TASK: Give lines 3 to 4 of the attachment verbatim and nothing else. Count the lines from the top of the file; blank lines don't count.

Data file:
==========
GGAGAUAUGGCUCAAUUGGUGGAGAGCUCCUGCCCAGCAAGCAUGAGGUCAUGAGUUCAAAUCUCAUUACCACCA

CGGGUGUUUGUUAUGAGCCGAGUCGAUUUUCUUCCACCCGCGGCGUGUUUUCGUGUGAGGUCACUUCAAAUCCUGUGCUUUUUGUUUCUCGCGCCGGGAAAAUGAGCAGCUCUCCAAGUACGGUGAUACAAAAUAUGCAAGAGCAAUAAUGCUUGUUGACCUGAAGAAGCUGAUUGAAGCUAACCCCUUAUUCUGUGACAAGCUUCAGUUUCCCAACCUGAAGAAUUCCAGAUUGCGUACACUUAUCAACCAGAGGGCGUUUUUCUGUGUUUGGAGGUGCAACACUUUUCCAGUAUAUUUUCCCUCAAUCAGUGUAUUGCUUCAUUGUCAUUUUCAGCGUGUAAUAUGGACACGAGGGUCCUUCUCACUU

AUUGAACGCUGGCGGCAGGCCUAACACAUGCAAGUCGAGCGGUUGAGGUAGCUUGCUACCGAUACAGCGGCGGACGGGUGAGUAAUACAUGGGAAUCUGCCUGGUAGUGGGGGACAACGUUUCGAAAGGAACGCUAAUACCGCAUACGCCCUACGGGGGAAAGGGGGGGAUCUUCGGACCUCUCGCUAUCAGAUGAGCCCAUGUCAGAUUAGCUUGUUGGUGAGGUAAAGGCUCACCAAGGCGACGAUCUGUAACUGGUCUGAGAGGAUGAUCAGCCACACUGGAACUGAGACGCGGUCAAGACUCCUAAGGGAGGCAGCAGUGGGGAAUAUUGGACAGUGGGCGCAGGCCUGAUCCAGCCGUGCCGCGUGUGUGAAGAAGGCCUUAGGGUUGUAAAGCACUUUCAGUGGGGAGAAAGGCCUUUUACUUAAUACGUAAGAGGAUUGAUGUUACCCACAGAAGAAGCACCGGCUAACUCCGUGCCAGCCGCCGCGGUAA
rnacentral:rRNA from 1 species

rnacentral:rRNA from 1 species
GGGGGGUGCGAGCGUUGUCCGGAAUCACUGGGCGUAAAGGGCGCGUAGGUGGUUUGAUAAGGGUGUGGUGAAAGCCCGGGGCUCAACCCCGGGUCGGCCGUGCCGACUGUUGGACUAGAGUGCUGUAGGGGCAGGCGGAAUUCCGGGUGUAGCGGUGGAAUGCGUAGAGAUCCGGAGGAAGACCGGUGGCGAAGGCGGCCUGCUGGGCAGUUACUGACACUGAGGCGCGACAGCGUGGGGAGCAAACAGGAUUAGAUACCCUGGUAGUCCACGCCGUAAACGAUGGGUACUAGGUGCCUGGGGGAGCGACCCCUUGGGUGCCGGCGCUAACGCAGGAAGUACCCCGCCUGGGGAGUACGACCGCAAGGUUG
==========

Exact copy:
AUUGAACGCUGGCGGCAGGCCUAACACAUGCAAGUCGAGCGGUUGAGGUAGCUUGCUACCGAUACAGCGGCGGACGGGUGAGUAAUACAUGGGAAUCUGCCUGGUAGUGGGGGACAACGUUUCGAAAGGAACGCUAAUACCGCAUACGCCCUACGGGGGAAAGGGGGGGAUCUUCGGACCUCUCGCUAUCAGAUGAGCCCAUGUCAGAUUAGCUUGUUGGUGAGGUAAAGGCUCACCAAGGCGACGAUCUGUAACUGGUCUGAGAGGAUGAUCAGCCACACUGGAACUGAGACGCGGUCAAGACUCCUAAGGGAGGCAGCAGUGGGGAAUAUUGGACAGUGGGCGCAGGCCUGAUCCAGCCGUGCCGCGUGUGUGAAGAAGGCCUUAGGGUUGUAAAGCACUUUCAGUGGGGAGAAAGGCCUUUUACUUAAUACGUAAGAGGAUUGAUGUUACCCACAGAAGAAGCACCGGCUAACUCCGUGCCAGCCGCCGCGGUAA
rnacentral:rRNA from 1 species